Free standing nest boxes? Any ideas??? Metal shed?

Discussion in 'Coop & Run - Design, Construction, & Maintenance' started by ddschicks, May 7, 2017.

  1. ddschicks

    ddschicks Chillin' With My Peeps

    Jul 30, 2014
    I am setting up a new chicken coop and run and I have a few issues. I have more chickens now than I used to, so I am making their cage double the size and putting in a shed, rather than a normal coop. The shed is one from home depot, and is a metal tool supply shed.

    One thing I was wondering is if it would be too hot in Alabama for them to be in a shed like that. I was going to leave the door off since they will be totally enclosed in the cage around the shed. I would put straw in the floor in the winter for insulation so i think they would be warm enough, and i plan to put a roof over the rest of the open part of the cage. that way they would have access to shade other than just in the shed. would that work?

    Also, since the shed is metal, I don't think there is a way for me to put up nest boxes. I was looking into ways to make them, and I saw some people had made nest boxes from old cabinets. I have some from a kitchen remodel so is there any way I could make those into nest boxes? maybe add legs so that they stand on their own?
    Does anyone have ideas for free standing nest boxes or have their own design?
  2. PD-Riverman

    PD-Riverman Overrun With Chickens

    Jan 14, 2012
    Conway SC
    Nesting boxes can be added in the shed similar to if it was wood----probably just have to pre-drill some holes. I never put the nesting boxes inside my Coop----just my way. I have them under a shed and have about 30 like the bottom picture----they work great. You can dress up something similar if you want----I am about them working great more than them looking great.


    If you will look above the nexting box in the pic above----I have a lot of them 5 gal bucket nesting boxes attacked to the side of the coops. I do secure about 1/3 of the bucket lid on the front to keep the hay(nesting box hay) in place.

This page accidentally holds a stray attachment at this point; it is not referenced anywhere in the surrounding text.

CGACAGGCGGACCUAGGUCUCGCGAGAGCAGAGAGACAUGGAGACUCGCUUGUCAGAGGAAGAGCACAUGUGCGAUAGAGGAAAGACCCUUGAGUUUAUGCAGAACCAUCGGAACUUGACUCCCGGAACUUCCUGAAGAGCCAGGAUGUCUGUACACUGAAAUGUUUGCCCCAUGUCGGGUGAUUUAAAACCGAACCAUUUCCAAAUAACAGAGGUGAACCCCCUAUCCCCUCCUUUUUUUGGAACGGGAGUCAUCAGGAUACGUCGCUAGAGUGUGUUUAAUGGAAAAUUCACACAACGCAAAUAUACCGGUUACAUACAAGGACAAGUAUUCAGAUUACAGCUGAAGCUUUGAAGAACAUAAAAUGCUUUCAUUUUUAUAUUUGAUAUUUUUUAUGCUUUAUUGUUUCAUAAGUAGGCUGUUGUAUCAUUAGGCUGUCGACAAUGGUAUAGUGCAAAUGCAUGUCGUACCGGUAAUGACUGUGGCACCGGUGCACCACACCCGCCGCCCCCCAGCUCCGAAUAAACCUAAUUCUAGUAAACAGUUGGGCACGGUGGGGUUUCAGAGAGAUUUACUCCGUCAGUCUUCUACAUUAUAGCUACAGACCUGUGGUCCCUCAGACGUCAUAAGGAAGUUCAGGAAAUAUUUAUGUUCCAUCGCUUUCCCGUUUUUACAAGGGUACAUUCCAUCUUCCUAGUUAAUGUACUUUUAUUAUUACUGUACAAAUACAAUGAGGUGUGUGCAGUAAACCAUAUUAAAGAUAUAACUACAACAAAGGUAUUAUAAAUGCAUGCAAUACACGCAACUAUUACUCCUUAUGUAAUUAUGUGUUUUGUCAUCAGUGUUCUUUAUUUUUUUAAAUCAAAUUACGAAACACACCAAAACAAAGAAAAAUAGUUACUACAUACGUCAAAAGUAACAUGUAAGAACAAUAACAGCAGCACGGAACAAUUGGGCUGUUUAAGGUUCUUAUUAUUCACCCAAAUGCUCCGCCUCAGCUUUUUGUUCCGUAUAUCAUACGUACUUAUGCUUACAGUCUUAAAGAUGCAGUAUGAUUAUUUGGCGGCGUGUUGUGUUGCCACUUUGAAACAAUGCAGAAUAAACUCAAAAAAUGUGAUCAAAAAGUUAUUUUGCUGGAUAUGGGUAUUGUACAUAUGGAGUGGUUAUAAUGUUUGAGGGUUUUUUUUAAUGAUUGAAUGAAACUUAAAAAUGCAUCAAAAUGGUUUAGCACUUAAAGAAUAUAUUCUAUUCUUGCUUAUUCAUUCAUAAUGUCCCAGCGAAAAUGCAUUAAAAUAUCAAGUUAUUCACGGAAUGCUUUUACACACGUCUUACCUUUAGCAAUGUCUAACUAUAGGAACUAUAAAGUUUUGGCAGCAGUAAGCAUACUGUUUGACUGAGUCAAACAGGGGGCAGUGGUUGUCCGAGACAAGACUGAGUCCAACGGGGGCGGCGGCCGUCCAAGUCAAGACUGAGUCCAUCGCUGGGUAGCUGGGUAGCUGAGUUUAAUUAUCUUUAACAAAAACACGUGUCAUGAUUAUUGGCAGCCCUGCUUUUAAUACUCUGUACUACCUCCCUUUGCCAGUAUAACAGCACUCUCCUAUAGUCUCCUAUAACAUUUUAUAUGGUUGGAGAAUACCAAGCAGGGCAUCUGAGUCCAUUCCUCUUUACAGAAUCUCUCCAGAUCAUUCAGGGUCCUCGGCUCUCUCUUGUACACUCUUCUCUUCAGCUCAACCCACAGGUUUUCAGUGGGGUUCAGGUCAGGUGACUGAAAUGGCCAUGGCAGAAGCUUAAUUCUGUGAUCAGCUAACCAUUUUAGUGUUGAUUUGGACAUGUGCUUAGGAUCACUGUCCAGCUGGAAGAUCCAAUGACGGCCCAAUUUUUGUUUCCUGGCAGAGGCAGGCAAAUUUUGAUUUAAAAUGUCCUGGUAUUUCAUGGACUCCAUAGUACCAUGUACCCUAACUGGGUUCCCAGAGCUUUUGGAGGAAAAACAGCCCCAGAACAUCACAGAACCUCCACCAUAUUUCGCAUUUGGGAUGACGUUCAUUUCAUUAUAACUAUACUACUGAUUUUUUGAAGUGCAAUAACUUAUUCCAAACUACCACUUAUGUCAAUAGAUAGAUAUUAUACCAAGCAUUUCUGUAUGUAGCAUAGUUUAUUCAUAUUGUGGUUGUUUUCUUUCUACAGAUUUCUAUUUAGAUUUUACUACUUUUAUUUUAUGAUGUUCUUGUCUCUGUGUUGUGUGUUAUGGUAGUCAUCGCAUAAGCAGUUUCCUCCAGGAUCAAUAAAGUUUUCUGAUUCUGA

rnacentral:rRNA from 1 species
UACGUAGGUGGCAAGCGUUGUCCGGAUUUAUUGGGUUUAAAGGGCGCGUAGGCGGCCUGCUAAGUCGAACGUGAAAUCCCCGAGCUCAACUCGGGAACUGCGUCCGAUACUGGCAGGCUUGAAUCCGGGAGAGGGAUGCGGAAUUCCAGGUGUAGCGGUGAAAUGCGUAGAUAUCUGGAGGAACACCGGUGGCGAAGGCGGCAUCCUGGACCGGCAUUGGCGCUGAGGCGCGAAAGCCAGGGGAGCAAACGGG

Last edited: May 7, 2017
    1 person likes this.
  3. Ridgerunner

    Ridgerunner True BYC Addict

    Feb 2, 2009
    Northwest Arkansas
    I haven’t looked through these threads for a while, hopefully most of the pictures are still available. The only thing limiting you on how you do your nests is your imagination.

    Nest boxes

    Nest Boxes

    Opa’s Rollaway Nest Box

    My main suggestion is to put the nests on the north side if you can, east isn’t horrible. The south and maybe even more so west sides will be the hottest. You don’t want the nests to become ovens. Try to avoid putting the roosts on the west side especially. The west gets hot latest.

    In Alabama you really don’t have to worry about the cold, the heat is what will kill your chickens. Add as much ventilation to that shed as you can, just opening the door is probably not enough. Since hot air rises you want a lot of ventilation up high so the hot air can get out of there. In the winter any breezes will be over their heads with high ventilation. In summer make it as open as you can, high and low.

    I have a shed made out of an old loafing shed. It has a metal roof and metal south and west sides. But it is wide open up at the top and the metal siding is pretty open at the bottom too, a distance above ground level. It just doesn’t get that hot in there like you’d expect, not even the southwest corner.
    AuntChickie and ddschicks like this.

BackYard Chickens is proudly sponsored by